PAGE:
could discourse at length of nature without admitting occasionally the idea of intention, and of certain objects obtained by certain expedients; but in the strictly Material School this ought not to be, as the first proposition of the sect is that all things are made without design, and are as we see them to be simply because they are so. Nevertheless all the disciples of all the Material Schools are continually lapsing into the language of their opponents, and though they are always · driving out“ Nature” with a fork,' yet is she always returning upon them again, and 'her object,'
her designs,' &c., again and again make their appearance, with an occasional protest that no real meaning is to be attached to such expressions, which are used in a wide metaphorical sense' easily understood.
'I consider,' said Cabanis, in speaking of the provisions for the reproduction of animals,—'I consider, with the great Bacon, the philosophy of final causes is sterile, but I have elsewhere acknowledged that it was extremely difficult for the most cautious man never to have recourse to them in his explanations.' And Dr Whewell has well observed, 'though the physiologist may persuade himself that he ought never to refer to final causes, we find that practically he cannot help it, and that the event shows that his practical habit is right and well-founded.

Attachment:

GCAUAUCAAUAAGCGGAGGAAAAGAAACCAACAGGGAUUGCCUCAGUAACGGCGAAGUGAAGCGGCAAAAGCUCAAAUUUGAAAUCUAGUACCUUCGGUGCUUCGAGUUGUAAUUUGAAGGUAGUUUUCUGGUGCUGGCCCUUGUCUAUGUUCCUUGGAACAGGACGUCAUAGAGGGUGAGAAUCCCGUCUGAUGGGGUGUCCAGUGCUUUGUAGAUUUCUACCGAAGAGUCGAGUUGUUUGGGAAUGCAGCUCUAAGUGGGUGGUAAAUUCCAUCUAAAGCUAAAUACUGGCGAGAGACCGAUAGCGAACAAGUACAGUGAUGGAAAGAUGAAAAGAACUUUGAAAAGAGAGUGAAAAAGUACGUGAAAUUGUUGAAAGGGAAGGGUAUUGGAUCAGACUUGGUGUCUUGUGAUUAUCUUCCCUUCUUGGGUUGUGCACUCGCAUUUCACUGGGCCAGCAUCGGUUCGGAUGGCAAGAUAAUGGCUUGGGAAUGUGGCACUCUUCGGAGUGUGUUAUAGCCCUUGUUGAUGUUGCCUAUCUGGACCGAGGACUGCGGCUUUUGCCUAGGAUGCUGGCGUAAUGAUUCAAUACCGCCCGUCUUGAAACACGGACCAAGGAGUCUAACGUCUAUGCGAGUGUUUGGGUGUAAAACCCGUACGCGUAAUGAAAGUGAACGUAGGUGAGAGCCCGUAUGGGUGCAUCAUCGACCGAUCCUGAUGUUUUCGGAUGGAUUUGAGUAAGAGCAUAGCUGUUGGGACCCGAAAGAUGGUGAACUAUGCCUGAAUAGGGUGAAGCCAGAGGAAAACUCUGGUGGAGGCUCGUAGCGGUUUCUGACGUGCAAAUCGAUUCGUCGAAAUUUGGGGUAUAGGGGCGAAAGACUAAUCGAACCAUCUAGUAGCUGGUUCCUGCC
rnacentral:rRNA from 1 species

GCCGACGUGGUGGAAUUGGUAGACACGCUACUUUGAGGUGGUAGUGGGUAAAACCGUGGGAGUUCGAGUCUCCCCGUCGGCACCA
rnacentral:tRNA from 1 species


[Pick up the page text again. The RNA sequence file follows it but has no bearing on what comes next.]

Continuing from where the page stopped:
Saint Hilaire, a celebrated authority of the Antitheistic School, has said: 'I ascribe no intention to God, for I mistrust the feeble powers of my reason ; I observe facts merely, and go no farther; I only pretend to the character of what is ; I cannot make Nature as an intelligent beingwho does nothing in vain, who acts by the shortest mode, who does all for the best.'
A testimony which is well worth remembering, for we